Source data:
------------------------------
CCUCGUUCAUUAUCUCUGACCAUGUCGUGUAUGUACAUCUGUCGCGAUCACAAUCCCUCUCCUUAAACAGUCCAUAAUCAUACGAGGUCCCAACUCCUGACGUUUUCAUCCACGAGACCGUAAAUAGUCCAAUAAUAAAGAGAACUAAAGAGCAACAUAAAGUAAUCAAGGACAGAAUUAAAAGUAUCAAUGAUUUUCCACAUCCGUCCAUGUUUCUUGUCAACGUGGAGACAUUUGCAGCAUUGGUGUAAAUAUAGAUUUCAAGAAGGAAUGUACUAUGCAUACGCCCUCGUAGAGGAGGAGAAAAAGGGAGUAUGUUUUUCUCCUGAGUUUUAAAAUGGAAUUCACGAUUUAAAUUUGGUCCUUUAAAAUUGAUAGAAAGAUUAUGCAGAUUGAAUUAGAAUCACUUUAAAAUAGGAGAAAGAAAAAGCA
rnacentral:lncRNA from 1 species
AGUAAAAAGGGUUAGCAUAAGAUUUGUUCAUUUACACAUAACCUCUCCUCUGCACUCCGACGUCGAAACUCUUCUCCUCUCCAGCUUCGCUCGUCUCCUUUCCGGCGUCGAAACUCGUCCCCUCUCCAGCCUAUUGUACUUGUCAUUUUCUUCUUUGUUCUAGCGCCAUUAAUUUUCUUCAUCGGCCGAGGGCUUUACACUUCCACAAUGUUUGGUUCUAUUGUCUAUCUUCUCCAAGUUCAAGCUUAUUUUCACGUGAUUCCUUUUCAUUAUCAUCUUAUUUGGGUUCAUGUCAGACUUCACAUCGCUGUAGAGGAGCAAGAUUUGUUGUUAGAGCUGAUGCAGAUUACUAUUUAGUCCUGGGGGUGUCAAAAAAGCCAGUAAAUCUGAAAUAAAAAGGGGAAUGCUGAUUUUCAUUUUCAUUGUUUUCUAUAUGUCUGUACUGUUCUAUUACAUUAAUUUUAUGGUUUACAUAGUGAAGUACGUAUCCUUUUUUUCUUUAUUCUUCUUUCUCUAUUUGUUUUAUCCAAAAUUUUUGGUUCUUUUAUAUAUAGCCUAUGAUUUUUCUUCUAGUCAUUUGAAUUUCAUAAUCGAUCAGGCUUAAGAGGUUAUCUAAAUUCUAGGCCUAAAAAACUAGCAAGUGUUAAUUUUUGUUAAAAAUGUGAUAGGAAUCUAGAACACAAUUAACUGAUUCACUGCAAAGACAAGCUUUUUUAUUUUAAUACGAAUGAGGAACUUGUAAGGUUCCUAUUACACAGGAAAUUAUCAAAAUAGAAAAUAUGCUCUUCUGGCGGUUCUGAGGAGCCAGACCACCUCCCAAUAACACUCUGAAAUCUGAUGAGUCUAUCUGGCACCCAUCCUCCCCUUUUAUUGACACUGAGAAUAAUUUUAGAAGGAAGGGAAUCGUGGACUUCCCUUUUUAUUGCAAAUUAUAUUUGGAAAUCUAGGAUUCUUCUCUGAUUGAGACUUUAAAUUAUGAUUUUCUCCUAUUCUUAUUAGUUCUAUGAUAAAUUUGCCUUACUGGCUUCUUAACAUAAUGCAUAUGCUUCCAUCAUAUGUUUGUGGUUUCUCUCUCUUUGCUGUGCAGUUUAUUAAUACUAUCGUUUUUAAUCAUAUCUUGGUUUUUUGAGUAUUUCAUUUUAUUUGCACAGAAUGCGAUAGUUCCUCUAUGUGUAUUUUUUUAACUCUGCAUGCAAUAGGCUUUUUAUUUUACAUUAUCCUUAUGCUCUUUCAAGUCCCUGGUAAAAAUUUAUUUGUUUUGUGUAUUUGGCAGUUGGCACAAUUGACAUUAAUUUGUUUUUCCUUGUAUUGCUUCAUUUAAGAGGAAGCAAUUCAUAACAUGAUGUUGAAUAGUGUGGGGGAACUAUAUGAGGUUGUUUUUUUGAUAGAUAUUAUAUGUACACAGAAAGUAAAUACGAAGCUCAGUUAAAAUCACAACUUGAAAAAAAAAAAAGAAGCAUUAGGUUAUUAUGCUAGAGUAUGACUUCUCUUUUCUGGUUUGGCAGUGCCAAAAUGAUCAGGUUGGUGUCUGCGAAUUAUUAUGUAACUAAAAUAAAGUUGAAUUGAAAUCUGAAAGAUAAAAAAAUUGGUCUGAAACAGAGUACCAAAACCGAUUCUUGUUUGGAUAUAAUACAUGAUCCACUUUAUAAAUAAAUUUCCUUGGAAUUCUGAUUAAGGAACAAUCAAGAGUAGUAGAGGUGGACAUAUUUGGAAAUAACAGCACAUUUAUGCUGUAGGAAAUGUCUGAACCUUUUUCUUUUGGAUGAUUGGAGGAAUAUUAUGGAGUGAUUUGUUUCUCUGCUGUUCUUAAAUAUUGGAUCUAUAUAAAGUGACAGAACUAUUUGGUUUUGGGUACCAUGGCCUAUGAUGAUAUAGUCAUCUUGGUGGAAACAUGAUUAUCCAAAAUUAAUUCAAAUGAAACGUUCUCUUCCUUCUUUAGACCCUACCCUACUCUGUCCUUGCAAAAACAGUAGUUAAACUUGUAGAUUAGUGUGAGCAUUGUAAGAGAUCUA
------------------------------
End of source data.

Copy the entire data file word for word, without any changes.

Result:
CCUCGUUCAUUAUCUCUGACCAUGUCGUGUAUGUACAUCUGUCGCGAUCACAAUCCCUCUCCUUAAACAGUCCAUAAUCAUACGAGGUCCCAACUCCUGACGUUUUCAUCCACGAGACCGUAAAUAGUCCAAUAAUAAAGAGAACUAAAGAGCAACAUAAAGUAAUCAAGGACAGAAUUAAAAGUAUCAAUGAUUUUCCACAUCCGUCCAUGUUUCUUGUCAACGUGGAGACAUUUGCAGCAUUGGUGUAAAUAUAGAUUUCAAGAAGGAAUGUACUAUGCAUACGCCCUCGUAGAGGAGGAGAAAAAGGGAGUAUGUUUUUCUCCUGAGUUUUAAAAUGGAAUUCACGAUUUAAAUUUGGUCCUUUAAAAUUGAUAGAAAGAUUAUGCAGAUUGAAUUAGAAUCACUUUAAAAUAGGAGAAAGAAAAAGCA
rnacentral:lncRNA from 1 species
AGUAAAAAGGGUUAGCAUAAGAUUUGUUCAUUUACACAUAACCUCUCCUCUGCACUCCGACGUCGAAACUCUUCUCCUCUCCAGCUUCGCUCGUCUCCUUUCCGGCGUCGAAACUCGUCCCCUCUCCAGCCUAUUGUACUUGUCAUUUUCUUCUUUGUUCUAGCGCCAUUAAUUUUCUUCAUCGGCCGAGGGCUUUACACUUCCACAAUGUUUGGUUCUAUUGUCUAUCUUCUCCAAGUUCAAGCUUAUUUUCACGUGAUUCCUUUUCAUUAUCAUCUUAUUUGGGUUCAUGUCAGACUUCACAUCGCUGUAGAGGAGCAAGAUUUGUUGUUAGAGCUGAUGCAGAUUACUAUUUAGUCCUGGGGGUGUCAAAAAAGCCAGUAAAUCUGAAAUAAAAAGGGGAAUGCUGAUUUUCAUUUUCAUUGUUUUCUAUAUGUCUGUACUGUUCUAUUACAUUAAUUUUAUGGUUUACAUAGUGAAGUACGUAUCCUUUUUUUCUUUAUUCUUCUUUCUCUAUUUGUUUUAUCCAAAAUUUUUGGUUCUUUUAUAUAUAGCCUAUGAUUUUUCUUCUAGUCAUUUGAAUUUCAUAAUCGAUCAGGCUUAAGAGGUUAUCUAAAUUCUAGGCCUAAAAAACUAGCAAGUGUUAAUUUUUGUUAAAAAUGUGAUAGGAAUCUAGAACACAAUUAACUGAUUCACUGCAAAGACAAGCUUUUUUAUUUUAAUACGAAUGAGGAACUUGUAAGGUUCCUAUUACACAGGAAAUUAUCAAAAUAGAAAAUAUGCUCUUCUGGCGGUUCUGAGGAGCCAGACCACCUCCCAAUAACACUCUGAAAUCUGAUGAGUCUAUCUGGCACCCAUCCUCCCCUUUUAUUGACACUGAGAAUAAUUUUAGAAGGAAGGGAAUCGUGGACUUCCCUUUUUAUUGCAAAUUAUAUUUGGAAAUCUAGGAUUCUUCUCUGAUUGAGACUUUAAAUUAUGAUUUUCUCCUAUUCUUAUUAGUUCUAUGAUAAAUUUGCCUUACUGGCUUCUUAACAUAAUGCAUAUGCUUCCAUCAUAUGUUUGUGGUUUCUCUCUCUUUGCUGUGCAGUUUAUUAAUACUAUCGUUUUUAAUCAUAUCUUGGUUUUUUGAGUAUUUCAUUUUAUUUGCACAGAAUGCGAUAGUUCCUCUAUGUGUAUUUUUUUAACUCUGCAUGCAAUAGGCUUUUUAUUUUACAUUAUCCUUAUGCUCUUUCAAGUCCCUGGUAAAAAUUUAUUUGUUUUGUGUAUUUGGCAGUUGGCACAAUUGACAUUAAUUUGUUUUUCCUUGUAUUGCUUCAUUUAAGAGGAAGCAAUUCAUAACAUGAUGUUGAAUAGUGUGGGGGAACUAUAUGAGGUUGUUUUUUUGAUAGAUAUUAUAUGUACACAGAAAGUAAAUACGAAGCUCAGUUAAAAUCACAACUUGAAAAAAAAAAAAGAAGCAUUAGGUUAUUAUGCUAGAGUAUGACUUCUCUUUUCUGGUUUGGCAGUGCCAAAAUGAUCAGGUUGGUGUCUGCGAAUUAUUAUGUAACUAAAAUAAAGUUGAAUUGAAAUCUGAAAGAUAAAAAAAUUGGUCUGAAACAGAGUACCAAAACCGAUUCUUGUUUGGAUAUAAUACAUGAUCCACUUUAUAAAUAAAUUUCCUUGGAAUUCUGAUUAAGGAACAAUCAAGAGUAGUAGAGGUGGACAUAUUUGGAAAUAACAGCACAUUUAUGCUGUAGGAAAUGUCUGAACCUUUUUCUUUUGGAUGAUUGGAGGAAUAUUAUGGAGUGAUUUGUUUCUCUGCUGUUCUUAAAUAUUGGAUCUAUAUAAAGUGACAGAACUAUUUGGUUUUGGGUACCAUGGCCUAUGAUGAUAUAGUCAUCUUGGUGGAAACAUGAUUAUCCAAAAUUAAUUCAAAUGAAACGUUCUCUUCCUUCUUUAGACCCUACCCUACUCUGUCCUUGCAAAAACAGUAGUUAAACUUGUAGAUUAGUGUGAGCAUUGUAAGAGAUCUA